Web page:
British Home Secretary Sajid Javid published a white paper that set out a new immigration system. The skill-based system was highly appreciated overseas but was met with some concern in the United Kingdom.
London: India definitely sees the positive side of the new immigration system rolled out by UK Home Secretary, Sajid Javid, as the cap of the number of visas issued in a year, which was previously 20,700 has now been lifted. It has further removed the mandate that had UK employers advertise positions to UK workers first.
Javid, who is son of an immigrant bus driver, said that the UK is taking a skills-based approach to attract the brightest and best migrants into the country. This ends the previous arrangement that allowed only highly skilled workers from outside the EU to work in the UK whereas workers of all skill levels were allowed from EU countries.
The skilled work visa route will have an annual salary threshold of £30,000 and will require sponsorship from an employer. There will be no resident labour market test and potential migrants with A level skills, who are not graduates could obtain visas.
International students who have completed their studies in Britain can work in Britain for up to six months after their completion of bachelor’s or master’s degree and for up to 12 months after completion of PhD. Indian student bodies in the UK have however been a demanding a two-year-post work study visa which the system does not allow.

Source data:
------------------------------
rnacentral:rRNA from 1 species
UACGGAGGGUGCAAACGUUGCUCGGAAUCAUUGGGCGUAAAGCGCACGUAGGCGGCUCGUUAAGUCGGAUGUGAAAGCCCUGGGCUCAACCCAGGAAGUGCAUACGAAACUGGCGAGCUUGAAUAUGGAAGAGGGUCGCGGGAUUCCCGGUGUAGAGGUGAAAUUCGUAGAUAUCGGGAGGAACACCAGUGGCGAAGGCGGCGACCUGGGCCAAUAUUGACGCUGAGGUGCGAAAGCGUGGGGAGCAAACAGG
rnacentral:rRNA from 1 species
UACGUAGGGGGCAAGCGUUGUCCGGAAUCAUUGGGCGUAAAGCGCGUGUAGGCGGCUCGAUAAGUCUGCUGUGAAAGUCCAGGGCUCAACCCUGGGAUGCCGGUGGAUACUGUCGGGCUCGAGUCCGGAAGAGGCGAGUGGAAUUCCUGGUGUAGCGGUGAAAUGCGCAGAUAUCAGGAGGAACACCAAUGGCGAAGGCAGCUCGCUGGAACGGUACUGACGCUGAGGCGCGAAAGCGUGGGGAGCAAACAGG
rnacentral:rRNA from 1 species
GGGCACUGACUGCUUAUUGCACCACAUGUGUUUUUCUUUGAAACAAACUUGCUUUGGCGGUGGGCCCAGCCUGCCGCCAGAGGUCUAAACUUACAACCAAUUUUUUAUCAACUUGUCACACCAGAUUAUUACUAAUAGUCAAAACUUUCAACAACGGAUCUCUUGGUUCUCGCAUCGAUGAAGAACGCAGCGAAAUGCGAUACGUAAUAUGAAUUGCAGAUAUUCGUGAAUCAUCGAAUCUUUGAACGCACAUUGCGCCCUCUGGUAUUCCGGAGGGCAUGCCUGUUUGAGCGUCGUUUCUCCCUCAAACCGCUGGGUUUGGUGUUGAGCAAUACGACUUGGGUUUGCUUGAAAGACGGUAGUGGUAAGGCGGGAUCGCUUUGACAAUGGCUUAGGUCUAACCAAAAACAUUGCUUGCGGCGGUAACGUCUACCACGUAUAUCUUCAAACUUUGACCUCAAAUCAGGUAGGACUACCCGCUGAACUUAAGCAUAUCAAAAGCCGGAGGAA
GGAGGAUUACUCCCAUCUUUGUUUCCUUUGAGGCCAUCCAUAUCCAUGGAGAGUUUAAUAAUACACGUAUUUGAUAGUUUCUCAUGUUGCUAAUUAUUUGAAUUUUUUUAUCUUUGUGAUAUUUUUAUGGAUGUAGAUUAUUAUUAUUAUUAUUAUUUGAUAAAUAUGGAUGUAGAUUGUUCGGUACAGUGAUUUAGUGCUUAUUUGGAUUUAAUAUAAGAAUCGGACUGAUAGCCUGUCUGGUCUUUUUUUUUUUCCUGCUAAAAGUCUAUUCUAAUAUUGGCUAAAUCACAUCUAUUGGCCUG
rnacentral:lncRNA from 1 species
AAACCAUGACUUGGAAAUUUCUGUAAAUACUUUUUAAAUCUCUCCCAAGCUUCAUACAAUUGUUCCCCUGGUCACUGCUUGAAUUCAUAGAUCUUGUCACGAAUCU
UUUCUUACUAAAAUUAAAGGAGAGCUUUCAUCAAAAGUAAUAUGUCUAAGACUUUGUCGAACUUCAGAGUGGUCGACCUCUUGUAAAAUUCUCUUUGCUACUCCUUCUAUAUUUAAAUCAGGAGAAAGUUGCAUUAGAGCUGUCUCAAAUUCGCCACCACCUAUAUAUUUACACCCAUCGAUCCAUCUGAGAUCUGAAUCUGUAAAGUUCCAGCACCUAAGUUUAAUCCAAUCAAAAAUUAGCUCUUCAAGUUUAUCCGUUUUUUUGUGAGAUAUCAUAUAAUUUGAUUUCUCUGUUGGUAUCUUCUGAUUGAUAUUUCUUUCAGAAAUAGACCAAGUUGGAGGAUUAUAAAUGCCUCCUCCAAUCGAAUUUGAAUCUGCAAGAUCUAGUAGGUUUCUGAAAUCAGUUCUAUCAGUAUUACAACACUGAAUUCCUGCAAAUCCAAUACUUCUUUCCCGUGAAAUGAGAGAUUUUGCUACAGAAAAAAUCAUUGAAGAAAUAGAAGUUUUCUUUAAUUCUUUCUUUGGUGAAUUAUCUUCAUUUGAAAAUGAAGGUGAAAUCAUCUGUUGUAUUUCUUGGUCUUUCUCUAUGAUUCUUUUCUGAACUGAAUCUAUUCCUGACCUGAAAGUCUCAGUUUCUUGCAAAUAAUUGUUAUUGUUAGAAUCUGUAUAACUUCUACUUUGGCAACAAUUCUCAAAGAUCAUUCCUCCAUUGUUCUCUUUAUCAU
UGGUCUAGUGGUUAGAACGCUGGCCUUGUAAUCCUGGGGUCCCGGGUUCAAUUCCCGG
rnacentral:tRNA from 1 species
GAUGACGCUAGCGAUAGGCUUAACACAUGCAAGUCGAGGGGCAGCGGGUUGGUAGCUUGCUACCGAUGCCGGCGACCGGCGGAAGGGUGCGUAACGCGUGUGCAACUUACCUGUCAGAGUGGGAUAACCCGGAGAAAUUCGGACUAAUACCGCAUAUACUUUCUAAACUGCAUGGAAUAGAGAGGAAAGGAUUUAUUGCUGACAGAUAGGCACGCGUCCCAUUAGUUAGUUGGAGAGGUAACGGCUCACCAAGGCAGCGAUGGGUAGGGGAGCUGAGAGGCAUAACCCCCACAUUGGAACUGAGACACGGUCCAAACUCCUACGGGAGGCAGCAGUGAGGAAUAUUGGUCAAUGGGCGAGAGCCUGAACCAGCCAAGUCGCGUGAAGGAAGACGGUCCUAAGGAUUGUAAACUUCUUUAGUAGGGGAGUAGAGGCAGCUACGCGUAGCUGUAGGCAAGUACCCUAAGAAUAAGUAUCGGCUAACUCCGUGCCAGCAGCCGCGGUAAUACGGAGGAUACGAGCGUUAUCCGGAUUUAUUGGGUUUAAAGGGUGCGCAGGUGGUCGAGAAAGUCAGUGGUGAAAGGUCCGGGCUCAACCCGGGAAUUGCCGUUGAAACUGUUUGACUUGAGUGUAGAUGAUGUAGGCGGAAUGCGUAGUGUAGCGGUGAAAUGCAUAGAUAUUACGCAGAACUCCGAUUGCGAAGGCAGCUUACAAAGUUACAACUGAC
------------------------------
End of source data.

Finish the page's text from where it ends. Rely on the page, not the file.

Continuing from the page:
The concerns of the British MPs are the future supply of workers in tourism, construction and agriculture alike many who now come from the UK, but whose salaries do not match the threshold. Javid however stated that the system will remain flexible and there will be schemes introduced for seasonal agricultural work.
A new short-term worker scheme that allows workers in low-skilled jobs that do not meet the salary threshold has also been announced. There can be a switch of employers in this scheme, but no extended stay on visas provided under this scheme will be possible.
In the face of a possible shortage of resources after Britain’s exit from the EU, the new immigration system overhaul based on skills seems to be the right approach. As one door closes, it warrants that another be opened. Opening their arms to equal opportunity to non-EU countries is no doubt highly appreciated by India and others alike as the long-desired change in immigration system has been met to a great extent.
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Last Updated 21, Dec 2018, 10:06 AM